HENDERSONVILLE, Tennessee—There is a common phrase used by Western Canadians: “The West is the best.” Though this expression—which originated from the economic strength of the Western provinces Alberta and British Columbia—holds true as 2008 comes to a close, it may need revision in the coming year.
According to the Conference Board of Canada, the outlook for Saskatchewan and Manitoba, two of the country’s three so-called prairie provinces, is looking up: “High prices for nearly all of their natural resources will make them the two fastest-growing economies in Canada.”
So, how has this positive and rapid economic growth affected hotel performance in these two provinces?
According to the STR census database, there are 147 hotels, representing 14,335 rooms, operating in Saskatchewan and Manitoba. November year-to-date, demand for these two markets increased 2.0 percent, while supply declined 0.7 percent. Meanwhile, Alberta experienced a 0.5-percent demand increase and 4.5-percent supply increase, compared to 0.2-percent demand increase and 2.2-percent supply increase for all of Canada.
Data through the end of November show there are over 46 hotel projects in the active pipeline (In Construction, Final Planning and Planning phases) representing over 5,076 rooms for the Alberta market. In Saskatchewan/Manitoba, the active pipeline reports nine projects, representing 845 rooms.
As we know, when hotel demand growth outpaces supply growth, positive occupancy growth will be experienced. For the month of November, Saskatchewan/Manitoba market occupancy increased 3.0 percent to 75.1 percent, and year-to-date occupancy increased 2.7 percent to 71.1 percent. Out of the six key Canadian markets we analyzed for this article, the Saskatchewan/Manitoba market was the only one with positive occupancy growth.
Shifting attention to rate, year-to-date average daily rate was CAD$107.59 (US$88.14), growing more than 9.0 percent over last year. While the Saskatchewan/Manitoba market’s actual rate is less than that of the other key markets, a combination of positive occupancy and ADR growth generates revenue per available room values that far outpace the other markets.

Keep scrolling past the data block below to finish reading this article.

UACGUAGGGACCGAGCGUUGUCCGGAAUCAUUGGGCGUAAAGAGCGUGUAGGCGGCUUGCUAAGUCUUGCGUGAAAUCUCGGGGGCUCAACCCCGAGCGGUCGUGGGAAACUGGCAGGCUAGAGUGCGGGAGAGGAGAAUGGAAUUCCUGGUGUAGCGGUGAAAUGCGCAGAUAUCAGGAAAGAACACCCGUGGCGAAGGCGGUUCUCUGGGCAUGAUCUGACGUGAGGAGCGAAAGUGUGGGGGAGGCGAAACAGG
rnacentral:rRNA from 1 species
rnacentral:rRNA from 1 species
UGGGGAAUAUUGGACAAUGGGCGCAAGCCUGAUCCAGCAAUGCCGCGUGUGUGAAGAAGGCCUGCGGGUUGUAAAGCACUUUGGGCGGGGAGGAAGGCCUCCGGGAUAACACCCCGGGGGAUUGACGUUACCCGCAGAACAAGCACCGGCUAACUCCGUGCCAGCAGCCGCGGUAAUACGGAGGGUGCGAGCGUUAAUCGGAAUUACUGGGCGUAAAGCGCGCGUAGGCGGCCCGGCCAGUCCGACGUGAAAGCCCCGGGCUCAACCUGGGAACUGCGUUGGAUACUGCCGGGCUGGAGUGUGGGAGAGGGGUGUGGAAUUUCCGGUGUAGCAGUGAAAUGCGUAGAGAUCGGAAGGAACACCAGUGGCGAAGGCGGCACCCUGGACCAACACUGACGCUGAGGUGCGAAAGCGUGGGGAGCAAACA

Global demand for the area’s energy and agricultural products means that businesses are expanding and the demand for skilled workers is on the rise. Analysis of Saskatchewan/Manitoba day-of-week performance shows that weekdays supporting business travel lead in both occupancy and rate. For the year ending in November, Tuesdays through Thursdays have experienced occupancy rates over 75 percent and ADR over CAD$107 (US$87.65). Saturdays also appear to do quite well for the market, which is a good indicator of a healthy leisure segment. Year-to-date occupancy ended a little over 73 percent and an ADR close to CAD$108 (US$88.47).
Year end 2008, the Conference Board of Canada is projecting Saskatchewan’s gross domestic product to rise by 4.2 percent and Manitoba’s by 3.6 percent, both well above the 1.7-percent growth predicted for all of Canada. With a healthy economy in the prairies and upward-trending lodging indicators, we anticipate prosperity in 2009 for the Saskatchewan/Manitoba travel sector. While many Canadians will continue to argue that the “West is best,” there is no denying that in 2009 it will also be “Merry in the prairies.”